In seeking to understand this behavior we turn to the microbiology involved but there is another level of explanation that arises when all the molecular details are orchestrated into a complete picture. This is where it makes sense to speak of goals and the algorithms or strategies required to successfully obtain them. In the example of the amoeba’s food gradient the algorithm is – if there is a higher concentration of food to the north east follow it because it is highly probable that the saturation will increase further in that direction. This level of explanation is not tacked on, ephemeral to the concerns of what is really going on. This level allows us to understand, predict and control the behavior in ways inaccessible without it. It is also testable independent of the molecular level, though of course any such tests depend on those intricate molecular interactions. Allowing this algorithmic level of explanation and using the Bayesian equation we can model the behavior of the amoeba on a computer. There is no interview process that allows us to question its prior belief in which direction a food source might be found as we did in the little cognitive test in the last chapter. Instead we estimate an objective prior, basically a model of complete ignorance. This allows the process to get started. We input the strength of the food saturation at the starting position, turn the equation crank and out comes the posterior probability it uses to move in a chosen direction. This directed motion in turn provides more chemical evidence which is used as new input, the previous posterior becomes the new prior, the crank is turned again and the process continues. Bayesian equations can often be applied sequentially in this fashion.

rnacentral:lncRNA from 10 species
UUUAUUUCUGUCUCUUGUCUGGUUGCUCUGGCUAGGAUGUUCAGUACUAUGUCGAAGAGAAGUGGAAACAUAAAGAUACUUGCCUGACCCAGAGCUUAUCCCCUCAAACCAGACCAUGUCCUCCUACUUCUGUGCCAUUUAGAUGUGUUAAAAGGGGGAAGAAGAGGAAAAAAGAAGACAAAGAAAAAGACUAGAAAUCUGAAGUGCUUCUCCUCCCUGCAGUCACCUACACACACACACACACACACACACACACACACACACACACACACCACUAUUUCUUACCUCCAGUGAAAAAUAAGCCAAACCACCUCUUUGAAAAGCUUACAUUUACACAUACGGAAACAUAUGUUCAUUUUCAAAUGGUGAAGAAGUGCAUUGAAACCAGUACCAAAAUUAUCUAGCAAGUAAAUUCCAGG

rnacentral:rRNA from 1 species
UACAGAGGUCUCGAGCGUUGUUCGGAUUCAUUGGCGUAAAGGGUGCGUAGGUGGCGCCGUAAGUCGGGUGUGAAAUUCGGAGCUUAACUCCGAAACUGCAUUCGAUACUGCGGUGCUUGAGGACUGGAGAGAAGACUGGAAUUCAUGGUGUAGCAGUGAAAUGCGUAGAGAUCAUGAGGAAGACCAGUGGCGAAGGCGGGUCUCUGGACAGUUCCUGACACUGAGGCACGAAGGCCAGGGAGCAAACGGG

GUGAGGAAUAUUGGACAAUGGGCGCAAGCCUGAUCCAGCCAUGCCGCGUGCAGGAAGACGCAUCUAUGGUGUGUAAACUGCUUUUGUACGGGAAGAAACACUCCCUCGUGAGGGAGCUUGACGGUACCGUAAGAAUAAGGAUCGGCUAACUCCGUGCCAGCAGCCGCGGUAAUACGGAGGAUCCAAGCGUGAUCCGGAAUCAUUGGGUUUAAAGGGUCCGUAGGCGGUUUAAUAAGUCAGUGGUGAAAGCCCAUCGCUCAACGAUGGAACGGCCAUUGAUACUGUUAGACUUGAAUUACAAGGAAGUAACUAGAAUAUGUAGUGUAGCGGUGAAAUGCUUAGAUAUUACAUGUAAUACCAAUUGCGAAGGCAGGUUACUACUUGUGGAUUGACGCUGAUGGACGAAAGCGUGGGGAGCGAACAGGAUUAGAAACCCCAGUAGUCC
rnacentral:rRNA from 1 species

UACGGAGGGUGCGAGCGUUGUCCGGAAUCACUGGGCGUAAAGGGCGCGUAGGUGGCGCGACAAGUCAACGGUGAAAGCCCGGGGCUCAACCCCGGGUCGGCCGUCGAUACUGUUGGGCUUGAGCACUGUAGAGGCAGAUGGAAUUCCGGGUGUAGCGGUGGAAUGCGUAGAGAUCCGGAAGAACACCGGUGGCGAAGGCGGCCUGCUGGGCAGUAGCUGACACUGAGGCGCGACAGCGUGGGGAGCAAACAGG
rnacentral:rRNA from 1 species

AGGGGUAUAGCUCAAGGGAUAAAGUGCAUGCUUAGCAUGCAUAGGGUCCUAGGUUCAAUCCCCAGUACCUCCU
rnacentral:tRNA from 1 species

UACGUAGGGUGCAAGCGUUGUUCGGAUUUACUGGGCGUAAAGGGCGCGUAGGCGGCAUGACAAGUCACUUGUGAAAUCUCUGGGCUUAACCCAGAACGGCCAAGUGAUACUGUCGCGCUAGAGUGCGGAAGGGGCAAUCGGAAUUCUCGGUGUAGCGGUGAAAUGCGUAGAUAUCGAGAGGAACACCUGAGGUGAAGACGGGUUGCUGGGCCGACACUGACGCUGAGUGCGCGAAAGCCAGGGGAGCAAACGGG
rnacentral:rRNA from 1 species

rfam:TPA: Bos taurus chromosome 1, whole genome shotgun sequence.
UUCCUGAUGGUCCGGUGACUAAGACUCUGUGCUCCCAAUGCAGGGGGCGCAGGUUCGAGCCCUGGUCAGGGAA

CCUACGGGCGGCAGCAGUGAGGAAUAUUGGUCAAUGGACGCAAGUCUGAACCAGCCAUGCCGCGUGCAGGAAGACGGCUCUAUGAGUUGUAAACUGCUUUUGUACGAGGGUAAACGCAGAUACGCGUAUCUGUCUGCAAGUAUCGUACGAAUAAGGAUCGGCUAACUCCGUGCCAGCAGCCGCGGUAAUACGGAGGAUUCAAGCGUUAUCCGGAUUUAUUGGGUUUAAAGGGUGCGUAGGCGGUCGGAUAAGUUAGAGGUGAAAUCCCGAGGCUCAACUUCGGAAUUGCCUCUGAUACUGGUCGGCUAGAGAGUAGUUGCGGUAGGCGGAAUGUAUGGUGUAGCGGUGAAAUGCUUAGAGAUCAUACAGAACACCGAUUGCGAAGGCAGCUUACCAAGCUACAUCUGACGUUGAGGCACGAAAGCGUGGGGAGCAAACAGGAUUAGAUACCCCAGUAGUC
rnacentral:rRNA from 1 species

There are some who would deny the correctness of this higher level explanation that concerns itself with goal seeking. There are three typical objections. The first is physiological; ascribing intentionality to something like a single cell is just not right, it doesn’t even have a nervous system for heaven’s sake. Other biologists disagree and join Schopenhauer in describing something like ‘The World as Will and Representation’ (Schopenhauer 1958) seeing everywhere in living things a will to survive. These are interesting questions, important but not wholly pertinent in this context. The higher, algorithmic level is postulated for its utility, it is not necessarily a statement about how things really are in-themselves but an as-if that can be justified because it is found to be useful.